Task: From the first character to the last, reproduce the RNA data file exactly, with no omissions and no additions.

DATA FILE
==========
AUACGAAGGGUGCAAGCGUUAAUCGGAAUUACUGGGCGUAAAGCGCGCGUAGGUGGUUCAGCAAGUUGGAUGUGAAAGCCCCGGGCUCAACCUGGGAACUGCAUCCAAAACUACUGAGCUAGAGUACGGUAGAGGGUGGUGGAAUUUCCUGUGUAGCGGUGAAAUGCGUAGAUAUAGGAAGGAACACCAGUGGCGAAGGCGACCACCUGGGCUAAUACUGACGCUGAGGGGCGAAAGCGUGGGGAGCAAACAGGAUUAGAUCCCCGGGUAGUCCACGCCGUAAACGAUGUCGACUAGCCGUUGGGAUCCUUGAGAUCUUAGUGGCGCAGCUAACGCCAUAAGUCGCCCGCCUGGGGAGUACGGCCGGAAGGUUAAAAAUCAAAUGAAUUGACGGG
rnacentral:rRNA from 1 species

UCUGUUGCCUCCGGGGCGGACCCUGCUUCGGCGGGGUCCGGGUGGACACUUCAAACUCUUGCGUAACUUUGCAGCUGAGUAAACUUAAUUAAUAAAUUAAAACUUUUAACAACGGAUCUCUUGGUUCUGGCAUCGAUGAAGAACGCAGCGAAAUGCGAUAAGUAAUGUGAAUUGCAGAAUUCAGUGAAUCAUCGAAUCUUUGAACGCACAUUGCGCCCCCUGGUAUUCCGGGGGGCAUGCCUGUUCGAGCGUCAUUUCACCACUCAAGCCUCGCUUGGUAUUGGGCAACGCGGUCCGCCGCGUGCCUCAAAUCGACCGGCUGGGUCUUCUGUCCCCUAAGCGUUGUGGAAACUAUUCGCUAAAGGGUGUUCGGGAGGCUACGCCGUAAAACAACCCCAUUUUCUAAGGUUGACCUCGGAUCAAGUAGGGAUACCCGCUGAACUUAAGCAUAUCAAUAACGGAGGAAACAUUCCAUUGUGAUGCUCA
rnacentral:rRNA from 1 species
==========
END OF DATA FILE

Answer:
AUACGAAGGGUGCAAGCGUUAAUCGGAAUUACUGGGCGUAAAGCGCGCGUAGGUGGUUCAGCAAGUUGGAUGUGAAAGCCCCGGGCUCAACCUGGGAACUGCAUCCAAAACUACUGAGCUAGAGUACGGUAGAGGGUGGUGGAAUUUCCUGUGUAGCGGUGAAAUGCGUAGAUAUAGGAAGGAACACCAGUGGCGAAGGCGACCACCUGGGCUAAUACUGACGCUGAGGGGCGAAAGCGUGGGGAGCAAACAGGAUUAGAUCCCCGGGUAGUCCACGCCGUAAACGAUGUCGACUAGCCGUUGGGAUCCUUGAGAUCUUAGUGGCGCAGCUAACGCCAUAAGUCGCCCGCCUGGGGAGUACGGCCGGAAGGUUAAAAAUCAAAUGAAUUGACGGG
rnacentral:rRNA from 1 species

UCUGUUGCCUCCGGGGCGGACCCUGCUUCGGCGGGGUCCGGGUGGACACUUCAAACUCUUGCGUAACUUUGCAGCUGAGUAAACUUAAUUAAUAAAUUAAAACUUUUAACAACGGAUCUCUUGGUUCUGGCAUCGAUGAAGAACGCAGCGAAAUGCGAUAAGUAAUGUGAAUUGCAGAAUUCAGUGAAUCAUCGAAUCUUUGAACGCACAUUGCGCCCCCUGGUAUUCCGGGGGGCAUGCCUGUUCGAGCGUCAUUUCACCACUCAAGCCUCGCUUGGUAUUGGGCAACGCGGUCCGCCGCGUGCCUCAAAUCGACCGGCUGGGUCUUCUGUCCCCUAAGCGUUGUGGAAACUAUUCGCUAAAGGGUGUUCGGGAGGCUACGCCGUAAAACAACCCCAUUUUCUAAGGUUGACCUCGGAUCAAGUAGGGAUACCCGCUGAACUUAAGCAUAUCAAUAACGGAGGAAACAUUCCAUUGUGAUGCUCA
rnacentral:rRNA from 1 species